In the past 5 years, four of our students have gained awards for achieving A level grades in the top 50 in the UK and many have attained places at top universities, or gone straight to industry eg GCHQ or Renishaw. Students have interned and now work with companies like Google, SkyScanner, QinetiQ, and 3M.
Mark Zuckerberg , Founder, Facebook: “Our policy at Facebook is literally to hire as many talented engineers as we can find. There just aren’t enough people who are trained and have these skills today.”
Computer Science A level is currently taught to Sixth Form girls and boys at Monmouth School for Boys.
Monmouth School for Boys Head of Department: Ms L A Hope
Board: AQA A level Syllabus Code: 7517
|Fundamentals of programming||Consequences of uses of computing|
|Fundamentals of data structures||Fundamentals of communication and networking|
|Fundamentals of algorithms||Fundamentals of databases|
|Theory of computation||Big Data|
|Fundamentals of data representation||Fundamentals of functional programming|
|Fundamentals of computer systems||Systematic approach to problem solving|
|Fundamentals of computer organisation and architecture||Non-exam assessment – the computing practical project|
Method of assessment
Paper 1 (40% of A level).
2½ hour on-screen exam with short and extended answer questions testing topics from sections 1 to 4 above, and programming and problem solving skills based on a pre-released skeleton program.
Paper 2 (40% of A level).
2½ hour written exam with short and extended answer questions testing topics from sections 5 to 12 above.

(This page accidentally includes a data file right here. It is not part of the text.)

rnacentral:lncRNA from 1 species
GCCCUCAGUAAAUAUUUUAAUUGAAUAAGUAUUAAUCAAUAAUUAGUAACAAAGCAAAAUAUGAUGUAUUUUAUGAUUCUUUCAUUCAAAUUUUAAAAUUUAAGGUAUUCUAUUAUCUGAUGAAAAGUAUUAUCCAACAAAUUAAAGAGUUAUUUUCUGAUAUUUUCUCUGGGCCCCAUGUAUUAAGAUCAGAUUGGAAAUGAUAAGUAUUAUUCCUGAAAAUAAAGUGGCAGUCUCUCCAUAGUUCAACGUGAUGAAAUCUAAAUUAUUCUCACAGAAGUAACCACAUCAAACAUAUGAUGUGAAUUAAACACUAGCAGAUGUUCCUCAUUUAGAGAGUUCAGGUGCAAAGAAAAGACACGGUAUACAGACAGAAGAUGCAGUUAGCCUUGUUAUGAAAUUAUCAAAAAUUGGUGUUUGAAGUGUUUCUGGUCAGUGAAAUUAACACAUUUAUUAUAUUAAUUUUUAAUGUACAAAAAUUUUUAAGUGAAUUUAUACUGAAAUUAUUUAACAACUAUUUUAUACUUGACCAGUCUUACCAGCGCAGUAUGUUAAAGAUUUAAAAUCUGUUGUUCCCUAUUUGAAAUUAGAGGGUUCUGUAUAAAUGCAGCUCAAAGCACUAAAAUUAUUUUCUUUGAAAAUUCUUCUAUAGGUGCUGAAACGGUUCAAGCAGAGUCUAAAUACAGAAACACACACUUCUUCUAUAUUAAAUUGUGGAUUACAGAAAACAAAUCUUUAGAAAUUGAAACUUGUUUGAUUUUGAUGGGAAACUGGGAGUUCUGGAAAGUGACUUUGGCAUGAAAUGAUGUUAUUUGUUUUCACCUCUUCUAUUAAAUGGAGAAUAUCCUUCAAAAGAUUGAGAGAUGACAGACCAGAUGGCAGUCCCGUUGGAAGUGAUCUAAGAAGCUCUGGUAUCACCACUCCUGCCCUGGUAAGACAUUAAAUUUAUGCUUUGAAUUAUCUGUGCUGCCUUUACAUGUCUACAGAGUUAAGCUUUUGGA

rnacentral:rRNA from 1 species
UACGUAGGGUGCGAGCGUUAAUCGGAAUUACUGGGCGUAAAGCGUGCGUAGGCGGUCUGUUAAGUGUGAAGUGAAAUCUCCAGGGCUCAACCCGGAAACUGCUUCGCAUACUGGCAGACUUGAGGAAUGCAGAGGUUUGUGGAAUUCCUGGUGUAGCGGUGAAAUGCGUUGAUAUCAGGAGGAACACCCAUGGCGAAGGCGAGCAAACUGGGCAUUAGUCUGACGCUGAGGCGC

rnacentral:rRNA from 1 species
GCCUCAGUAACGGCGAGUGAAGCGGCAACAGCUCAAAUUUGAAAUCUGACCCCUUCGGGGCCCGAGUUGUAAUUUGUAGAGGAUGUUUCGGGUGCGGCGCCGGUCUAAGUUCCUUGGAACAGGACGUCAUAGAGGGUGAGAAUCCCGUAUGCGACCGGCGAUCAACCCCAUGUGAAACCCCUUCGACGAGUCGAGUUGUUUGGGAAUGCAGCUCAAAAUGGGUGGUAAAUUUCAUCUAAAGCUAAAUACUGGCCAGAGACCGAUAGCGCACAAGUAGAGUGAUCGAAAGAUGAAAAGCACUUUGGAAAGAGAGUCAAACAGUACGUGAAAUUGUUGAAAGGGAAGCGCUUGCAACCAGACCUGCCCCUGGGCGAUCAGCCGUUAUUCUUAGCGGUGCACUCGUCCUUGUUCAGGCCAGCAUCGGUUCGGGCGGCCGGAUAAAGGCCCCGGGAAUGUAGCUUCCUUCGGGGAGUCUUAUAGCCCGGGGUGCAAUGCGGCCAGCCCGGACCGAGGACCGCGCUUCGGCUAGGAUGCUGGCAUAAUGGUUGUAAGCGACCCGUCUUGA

Non-exam assessment (20% of A level).
A project systematically exploring a problem and developing a fully programmed solution. This allows students to choose an area of interest, explore it in greater depth, extending their programming skills and deepening their understanding of computer science.
The ICT Department provides an extra-curricular opportunity to develop our pupils’ skills and knowledge in programming and also in the creative aspects of computer use, from graphics to animation.
For KS3 (Years 7-9) the Computer Club takes place during lunchtime every week. Working with the department’s prefect, the pupils enjoy the challenge of exploring new programs, creating games and animations of their own design, in a free and fun atmosphere.
The four ICT labs are open every lunchtime for pupils of all ages to use, whether for research, exploration of new resources or working collaboratively with others. Furthermore the labs are often used in the evenings to provide support for pupils undertaking ICT GCSE controlled assessments.